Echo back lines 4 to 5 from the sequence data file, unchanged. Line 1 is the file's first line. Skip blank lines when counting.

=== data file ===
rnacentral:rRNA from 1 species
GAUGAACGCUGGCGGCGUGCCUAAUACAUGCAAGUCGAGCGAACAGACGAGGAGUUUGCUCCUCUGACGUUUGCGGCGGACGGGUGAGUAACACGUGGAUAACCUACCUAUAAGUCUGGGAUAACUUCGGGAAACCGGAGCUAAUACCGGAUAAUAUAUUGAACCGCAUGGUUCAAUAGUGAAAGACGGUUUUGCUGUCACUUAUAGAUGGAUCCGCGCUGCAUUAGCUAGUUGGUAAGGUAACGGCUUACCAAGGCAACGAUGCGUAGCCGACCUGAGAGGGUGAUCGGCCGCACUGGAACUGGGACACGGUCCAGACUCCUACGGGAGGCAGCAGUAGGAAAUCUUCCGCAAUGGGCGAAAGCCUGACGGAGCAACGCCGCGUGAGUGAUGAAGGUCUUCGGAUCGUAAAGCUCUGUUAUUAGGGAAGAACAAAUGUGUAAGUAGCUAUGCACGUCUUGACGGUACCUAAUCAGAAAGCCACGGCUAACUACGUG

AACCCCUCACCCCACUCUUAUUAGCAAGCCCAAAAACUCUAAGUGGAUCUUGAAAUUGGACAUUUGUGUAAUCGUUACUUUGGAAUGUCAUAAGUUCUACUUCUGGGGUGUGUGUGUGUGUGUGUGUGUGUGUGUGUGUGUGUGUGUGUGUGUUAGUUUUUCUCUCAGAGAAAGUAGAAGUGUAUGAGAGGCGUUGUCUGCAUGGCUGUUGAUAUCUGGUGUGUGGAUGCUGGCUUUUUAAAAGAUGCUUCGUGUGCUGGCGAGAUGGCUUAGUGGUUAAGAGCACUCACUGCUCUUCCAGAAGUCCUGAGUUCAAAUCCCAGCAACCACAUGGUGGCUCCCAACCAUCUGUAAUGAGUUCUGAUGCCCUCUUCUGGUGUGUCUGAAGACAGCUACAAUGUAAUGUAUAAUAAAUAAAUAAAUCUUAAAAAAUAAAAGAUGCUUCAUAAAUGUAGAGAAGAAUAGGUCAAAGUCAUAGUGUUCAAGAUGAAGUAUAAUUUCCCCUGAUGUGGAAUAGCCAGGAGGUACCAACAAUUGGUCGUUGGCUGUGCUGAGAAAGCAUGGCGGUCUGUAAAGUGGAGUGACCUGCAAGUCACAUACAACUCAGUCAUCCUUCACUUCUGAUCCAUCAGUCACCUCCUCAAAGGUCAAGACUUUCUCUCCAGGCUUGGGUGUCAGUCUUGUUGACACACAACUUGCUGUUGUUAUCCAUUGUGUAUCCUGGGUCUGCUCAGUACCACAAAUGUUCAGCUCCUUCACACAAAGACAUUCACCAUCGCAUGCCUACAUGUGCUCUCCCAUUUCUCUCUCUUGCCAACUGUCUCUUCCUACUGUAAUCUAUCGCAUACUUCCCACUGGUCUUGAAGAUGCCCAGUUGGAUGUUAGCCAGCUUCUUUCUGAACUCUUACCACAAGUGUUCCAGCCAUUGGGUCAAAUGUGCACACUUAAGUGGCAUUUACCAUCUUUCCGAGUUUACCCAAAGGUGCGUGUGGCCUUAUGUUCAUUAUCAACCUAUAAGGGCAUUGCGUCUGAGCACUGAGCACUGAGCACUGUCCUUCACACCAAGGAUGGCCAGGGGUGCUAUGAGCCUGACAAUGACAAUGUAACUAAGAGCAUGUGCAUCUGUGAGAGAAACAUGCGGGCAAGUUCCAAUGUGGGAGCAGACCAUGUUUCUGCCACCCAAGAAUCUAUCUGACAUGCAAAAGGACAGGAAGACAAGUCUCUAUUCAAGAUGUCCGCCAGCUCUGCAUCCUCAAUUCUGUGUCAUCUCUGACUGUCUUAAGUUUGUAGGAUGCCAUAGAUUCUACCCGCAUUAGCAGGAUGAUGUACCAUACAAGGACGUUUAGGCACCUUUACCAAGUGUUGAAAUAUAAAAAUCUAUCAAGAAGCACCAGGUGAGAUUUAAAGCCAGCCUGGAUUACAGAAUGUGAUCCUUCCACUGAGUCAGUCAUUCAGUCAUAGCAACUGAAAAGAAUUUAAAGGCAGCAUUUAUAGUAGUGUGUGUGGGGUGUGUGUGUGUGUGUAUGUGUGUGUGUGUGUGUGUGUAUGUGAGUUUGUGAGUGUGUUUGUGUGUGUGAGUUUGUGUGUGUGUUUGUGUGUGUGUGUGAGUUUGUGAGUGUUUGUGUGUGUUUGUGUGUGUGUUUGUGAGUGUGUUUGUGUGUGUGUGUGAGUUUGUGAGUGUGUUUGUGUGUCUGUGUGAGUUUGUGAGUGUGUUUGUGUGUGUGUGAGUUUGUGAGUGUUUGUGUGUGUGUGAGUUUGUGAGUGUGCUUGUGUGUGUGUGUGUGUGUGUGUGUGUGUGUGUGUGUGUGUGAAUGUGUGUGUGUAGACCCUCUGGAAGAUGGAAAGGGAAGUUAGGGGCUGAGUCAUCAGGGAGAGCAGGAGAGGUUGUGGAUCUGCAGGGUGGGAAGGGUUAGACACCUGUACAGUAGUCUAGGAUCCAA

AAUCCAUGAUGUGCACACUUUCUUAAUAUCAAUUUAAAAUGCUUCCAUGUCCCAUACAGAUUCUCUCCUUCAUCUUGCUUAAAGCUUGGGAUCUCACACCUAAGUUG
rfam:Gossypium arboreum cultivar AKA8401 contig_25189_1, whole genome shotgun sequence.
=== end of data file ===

AAUCCAUGAUGUGCACACUUUCUUAAUAUCAAUUUAAAAUGCUUCCAUGUCCCAUACAGAUUCUCUCCUUCAUCUUGCUUAAAGCUUGGGAUCUCACACCUAAGUUG
rfam:Gossypium arboreum cultivar AKA8401 contig_25189_1, whole genome shotgun sequence.